Italian shock that realised Mestrallet’s dream

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Gérard Mestrallet has been quietly celebrating this week, with a few glasses of his favourite Stella Artois beer, the fulfilment of an old dream – merging his Suez group with Gaz de France. The deal has formed a European energy champion and the third most valuable French CAC40 blue chip company after Total and the electricity group EDF.

The son of a Parisian stationer and a graduate of the prestigious Polytechnique and ENA schools was parachuted in as head of Suez 13 years ago. The company was then known as the Compagnie Financière de Suez. After the nationalisation in 1956 of the Suez canal, which it had managed for about a century, the company gradually transformed itself into an unwieldy financial and property conglomerate and by the time Mr Mestrallet arrived had its back against the wall.

Right from the beginning he set about transforming the conglomerate into a focused industrial group by building on the Belgian energy assets he found in its portfolio.

Already in 1996 he was discussing with the then head of the French state-owned gas utility the possibility of combining one day. In those days it was nothing more than an entertaining exercise in wishful thinking. Gaz de France, along with EDF, was after all a sacred cow of the French state sector.

Instead, Mr Mestrallet went ahead, selling non-core and troubled assets and expanding his energy and water utility activities through a series of acquisitions, including taking over the old Lyonnaise des Eaux water and waste management group. Then, a couple of years ago, he got a real fright which, ironically, helped set in motion the process that has culminated with the Gaz de France merger.

Enel, the partially state-owned Italian electric utility, said it was looking to expand outside Italy and was interested in Suez. The Italians appeared to be considering mounting a joint bid for Suez with French utility Veolia with the idea of splitting the spoils. The energy assets would go to Enel, and the water and waste treatment business to Veolia.

Mr Mestrallet said at the time he had heard nothing from Enel or its chief executive, Fulvio Conti. “I have not had the pleasure of hearing his voice, even by telephone,” he said in his polite, understated manner.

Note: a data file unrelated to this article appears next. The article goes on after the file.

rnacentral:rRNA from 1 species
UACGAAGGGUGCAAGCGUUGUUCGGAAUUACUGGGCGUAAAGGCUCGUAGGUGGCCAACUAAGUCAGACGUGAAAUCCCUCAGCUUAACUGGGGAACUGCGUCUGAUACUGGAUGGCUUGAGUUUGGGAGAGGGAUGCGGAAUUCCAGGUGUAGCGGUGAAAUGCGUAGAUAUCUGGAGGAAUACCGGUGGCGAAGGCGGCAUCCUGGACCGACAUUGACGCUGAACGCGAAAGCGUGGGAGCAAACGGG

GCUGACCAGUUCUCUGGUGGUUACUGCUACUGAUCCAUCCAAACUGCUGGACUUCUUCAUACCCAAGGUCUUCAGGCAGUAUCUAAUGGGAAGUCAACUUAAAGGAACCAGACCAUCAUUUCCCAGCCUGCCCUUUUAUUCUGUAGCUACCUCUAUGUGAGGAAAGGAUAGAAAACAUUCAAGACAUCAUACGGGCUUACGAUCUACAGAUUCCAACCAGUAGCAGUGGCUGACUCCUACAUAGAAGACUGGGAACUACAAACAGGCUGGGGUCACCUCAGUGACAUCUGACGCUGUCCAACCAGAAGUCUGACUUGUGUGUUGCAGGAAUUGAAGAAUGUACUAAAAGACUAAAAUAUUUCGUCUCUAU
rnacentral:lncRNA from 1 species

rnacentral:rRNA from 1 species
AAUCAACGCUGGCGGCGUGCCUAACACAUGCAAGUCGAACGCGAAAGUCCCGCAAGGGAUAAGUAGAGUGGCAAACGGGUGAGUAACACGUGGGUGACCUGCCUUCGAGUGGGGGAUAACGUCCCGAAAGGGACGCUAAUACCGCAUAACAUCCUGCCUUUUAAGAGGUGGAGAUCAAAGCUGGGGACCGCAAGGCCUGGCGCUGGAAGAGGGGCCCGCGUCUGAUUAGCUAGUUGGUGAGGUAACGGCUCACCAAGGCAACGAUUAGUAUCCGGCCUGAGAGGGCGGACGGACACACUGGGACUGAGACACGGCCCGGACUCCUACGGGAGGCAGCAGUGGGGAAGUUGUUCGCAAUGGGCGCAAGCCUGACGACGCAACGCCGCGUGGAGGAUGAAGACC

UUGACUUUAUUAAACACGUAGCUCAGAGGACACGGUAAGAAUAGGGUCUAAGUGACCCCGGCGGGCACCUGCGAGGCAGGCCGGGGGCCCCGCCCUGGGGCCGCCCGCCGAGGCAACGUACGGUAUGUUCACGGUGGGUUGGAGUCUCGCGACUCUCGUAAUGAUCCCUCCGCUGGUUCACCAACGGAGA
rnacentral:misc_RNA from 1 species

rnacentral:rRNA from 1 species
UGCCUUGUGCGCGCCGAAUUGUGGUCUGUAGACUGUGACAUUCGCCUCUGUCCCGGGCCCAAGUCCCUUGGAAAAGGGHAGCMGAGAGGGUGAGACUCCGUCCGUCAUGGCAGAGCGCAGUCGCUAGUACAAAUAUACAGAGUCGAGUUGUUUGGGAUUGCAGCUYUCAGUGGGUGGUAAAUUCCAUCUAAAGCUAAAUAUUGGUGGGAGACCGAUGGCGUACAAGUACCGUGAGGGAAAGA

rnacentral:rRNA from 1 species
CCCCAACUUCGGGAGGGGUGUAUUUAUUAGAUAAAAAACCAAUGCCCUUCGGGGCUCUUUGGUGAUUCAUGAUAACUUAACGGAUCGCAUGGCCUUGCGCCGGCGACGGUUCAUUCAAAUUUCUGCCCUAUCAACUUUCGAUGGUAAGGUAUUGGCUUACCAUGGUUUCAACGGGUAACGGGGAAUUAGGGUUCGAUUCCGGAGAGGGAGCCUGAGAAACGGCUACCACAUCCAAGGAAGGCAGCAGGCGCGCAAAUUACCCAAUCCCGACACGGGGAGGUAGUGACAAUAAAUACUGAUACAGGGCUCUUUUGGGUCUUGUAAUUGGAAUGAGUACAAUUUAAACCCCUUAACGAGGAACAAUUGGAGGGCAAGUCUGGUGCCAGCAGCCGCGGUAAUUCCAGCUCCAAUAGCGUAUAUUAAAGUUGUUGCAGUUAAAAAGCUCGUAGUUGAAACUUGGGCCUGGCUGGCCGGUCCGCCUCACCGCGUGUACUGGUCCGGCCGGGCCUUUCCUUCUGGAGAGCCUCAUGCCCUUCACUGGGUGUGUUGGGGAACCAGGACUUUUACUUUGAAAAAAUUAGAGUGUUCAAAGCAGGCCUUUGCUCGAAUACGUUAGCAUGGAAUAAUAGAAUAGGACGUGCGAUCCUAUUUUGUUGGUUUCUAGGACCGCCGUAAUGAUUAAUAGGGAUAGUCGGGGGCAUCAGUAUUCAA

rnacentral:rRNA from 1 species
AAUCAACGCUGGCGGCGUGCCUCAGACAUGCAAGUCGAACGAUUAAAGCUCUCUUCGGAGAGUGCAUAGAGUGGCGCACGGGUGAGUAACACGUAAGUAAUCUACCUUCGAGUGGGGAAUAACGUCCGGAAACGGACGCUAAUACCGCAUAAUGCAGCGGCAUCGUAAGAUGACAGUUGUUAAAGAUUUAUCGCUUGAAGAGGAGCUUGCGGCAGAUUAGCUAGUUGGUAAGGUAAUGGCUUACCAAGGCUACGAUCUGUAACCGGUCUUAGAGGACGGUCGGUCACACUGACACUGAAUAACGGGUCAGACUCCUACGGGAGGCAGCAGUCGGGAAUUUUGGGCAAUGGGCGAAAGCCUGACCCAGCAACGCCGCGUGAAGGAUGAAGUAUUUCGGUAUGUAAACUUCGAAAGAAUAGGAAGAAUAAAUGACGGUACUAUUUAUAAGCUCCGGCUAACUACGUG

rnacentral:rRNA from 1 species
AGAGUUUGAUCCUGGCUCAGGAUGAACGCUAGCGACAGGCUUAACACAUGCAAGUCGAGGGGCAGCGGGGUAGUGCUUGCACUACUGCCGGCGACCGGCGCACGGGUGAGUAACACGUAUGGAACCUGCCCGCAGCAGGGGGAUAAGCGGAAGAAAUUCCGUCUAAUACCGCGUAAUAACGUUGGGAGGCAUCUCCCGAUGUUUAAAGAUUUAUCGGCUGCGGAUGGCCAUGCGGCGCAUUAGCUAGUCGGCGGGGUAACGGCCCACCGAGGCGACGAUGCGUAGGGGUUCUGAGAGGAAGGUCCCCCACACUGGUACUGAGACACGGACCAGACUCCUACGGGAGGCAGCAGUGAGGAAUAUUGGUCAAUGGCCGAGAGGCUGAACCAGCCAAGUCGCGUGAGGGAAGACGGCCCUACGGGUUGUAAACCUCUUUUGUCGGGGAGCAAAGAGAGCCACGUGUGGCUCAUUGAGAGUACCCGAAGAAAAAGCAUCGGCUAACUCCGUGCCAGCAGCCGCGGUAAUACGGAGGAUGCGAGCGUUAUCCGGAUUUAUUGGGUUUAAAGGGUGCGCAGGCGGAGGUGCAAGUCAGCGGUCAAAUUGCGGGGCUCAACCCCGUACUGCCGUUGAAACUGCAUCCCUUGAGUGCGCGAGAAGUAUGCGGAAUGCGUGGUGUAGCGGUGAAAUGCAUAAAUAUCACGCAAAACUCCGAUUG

But the Enel threat provoked panic in Paris and the government rushed to the rescue by promoting what had seemed impossible – a merger of Suez with Gaz de France, in the process privatising the gas utility.

For Mr Mestrallet a marathon then began. He had to win over worried politicians, trade unions and investors, and negotiate with the gas utility’s top management an efficient governance structure for the combined group. Two and a half years later, Mr Mestrallet has finally crossed the finishing line. And he seems to have come out on top, even though he had to compromise by agreeing to spin off Suez Environnement, the water and waste management business, which he was – and still is – keen to hold on to.

But it was clearly a price worth paying to pull off his big merger, for which he can only thank Enel’s Mr Conti and the predictably patriotic and protectionist reaction of the French government.

Siemens witch-hunt

Peter Löscher already has plenty on his plate with problems at Siemens – such as dealing with a global economic slowdown and trying to cut 17,000 jobs. So it is surprising that he is devoting so much time to pursuing legal action against former Siemens top managers.

The German conglomerate is set to file a rash of lawsuits that claim millions of euros in damages from a group of up to 10 former members of its management board. Siemens accuses them of failing in oversight duties and allowing a €1.3bn bribery scandal to take place in the group.

But these managers – including such distinguished individuals as Heinrich von Pierer, former chairman, and Klaus Kleinfeld, the company’s ex-chief executive – have already all had to leave. It seems somewhat petty of the company to carry on the campaign against its former top brass in the courts.

Siemens justifies its actions as part of its effort to clean up the group’s culture and instil a greater sense of responsibility and accountability. But there is a risk that the campaign will backfire because of the manner in which it is being conducted. In the case of Mr von Pierer, pursuing legal action seems particularly pointless and unfair. He is regarded as one of Germany’s great postwar industrialists and an architect of the group’s success.

Instead of pursuing former managers, Mr Löscher, backed by his supervisory board chairman Gerhard Cromme, should perhaps focus on Siemens’s immediate industrial and corporate challenges.

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